August 12, 2012 @ 7:57 PM Reply  |  Email  |  Print  |  Top

Hi Clem,  Yes the library does have some information re: the camp, but a lot of useful information has come from inputs to this forum. Al Tutt wrote that interesting article for stamford life magazine, with that photo taken around 1958. I wait to see what you can find out about those gates.....I have a list of Italian POWs that were in Stamford camp - you can see them in the museum. I managed to get them from the ICRC in Geneva ( my father was a POW in there ). There was close on 1200 Italian POWs in Stamford camp on Feb 1st 1945....most were transferred from POW camp 28 Loughborough which was the main camp for the midlands area.

Clem Walden
August 14, 2012 @ 10:30 PM Reply  |  Email  |  Print  |  Top

Hi Roger and Joe. I am given to understand both the Danish Invader and the childrens play area sites would have once been within the original camp compound. The boundary on the South side of the camp ran between the last house on Empingham road and the present Danish Invader. The hedge at the rear of the present play area was I am told there prior to the development of the play area. As yet I have not able to find anything out about the gate Joe mentions that sits within this hedge; Other than to say it does seem it sits  on the original Southern boundry of the old camp.

Roger Partridge
August 15, 2012 @ 8:46 PM Reply  |  Email  |  Print  |  Top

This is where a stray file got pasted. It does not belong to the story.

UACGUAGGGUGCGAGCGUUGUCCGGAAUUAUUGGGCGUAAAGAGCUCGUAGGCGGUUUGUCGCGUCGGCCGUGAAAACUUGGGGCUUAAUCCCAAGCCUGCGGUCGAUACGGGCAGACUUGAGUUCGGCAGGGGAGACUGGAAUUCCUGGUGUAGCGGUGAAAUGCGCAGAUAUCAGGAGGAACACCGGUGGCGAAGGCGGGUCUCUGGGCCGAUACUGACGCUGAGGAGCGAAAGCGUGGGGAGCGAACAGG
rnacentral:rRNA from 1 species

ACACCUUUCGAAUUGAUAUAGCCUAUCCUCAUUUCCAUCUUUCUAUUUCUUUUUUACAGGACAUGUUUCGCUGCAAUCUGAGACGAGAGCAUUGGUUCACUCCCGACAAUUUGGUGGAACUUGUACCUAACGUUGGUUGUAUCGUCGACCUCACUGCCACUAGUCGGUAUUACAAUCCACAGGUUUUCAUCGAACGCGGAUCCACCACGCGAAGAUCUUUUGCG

Hi Clem, I agree as I'm certain the sites of both the DI and children's play area were within the camp perimeter. It was just an overgrown grassy area when I first knew it and was separated from the playing field by a low hedge with several holes in it

Max Sawyer
August 16, 2012 @ 11:32 PM Reply  |  Email  |  Print  |  Top

You're right. My parents and I lived there from (I think) 1954 to 1957. The Camp shop was run by Colin Downs, who suffered from brittle bones. We lived at 14, Ash Walk. Our next door neighbour was Bob Lee, others in Ash Walk were the Haggers, the Collins, the Hoyles. I went to St. John's School (Headmistress Miss Boosey) by Patch's bus (cream-coloured Bedford, fare twopence halfpenny). As I remember it, the hut was comfortable and had been well-converted from when it housed PoWs (Royal Doulton bathroom suites and a solid fuel heater in the living room). When a council house became available were moved to 8, Witham Close.

Clem Walden
August 18, 2012 @ 9:54 PM Reply  |  Email  |  Print  |  Top

Hi Max, You mention a few names in your posting I well remember; Hoyles/Collins/Haggers/Bob Lee; I worked with Ted Hoyles at Wittering Camp in the 50s. Colin Downs was a very good friend and was at school with me. The Haggers and Collins were on my delivery round when I was an errand boy for "Hunters Tea Stores" Colin Downs as you may be aware later moved to Foundry Rd and had a butchers shop; Colin saddly past away several years ago but I still see his wife/daughter and grandaughter regularl. Regarding the actual boundaries of the camp. The last house on Empingham Rd before you came to Camp was number 142 there was a plot of land adjacent and number 144 was added in 1959.  I am told there is a book puplished called  "Churchills Uninvited Guests" which gives the details of all Camps. Perhaps this book may have layout drawings Etc?  of the old Emingham Rd Camp? I wonder If Stamford Library may have a copy?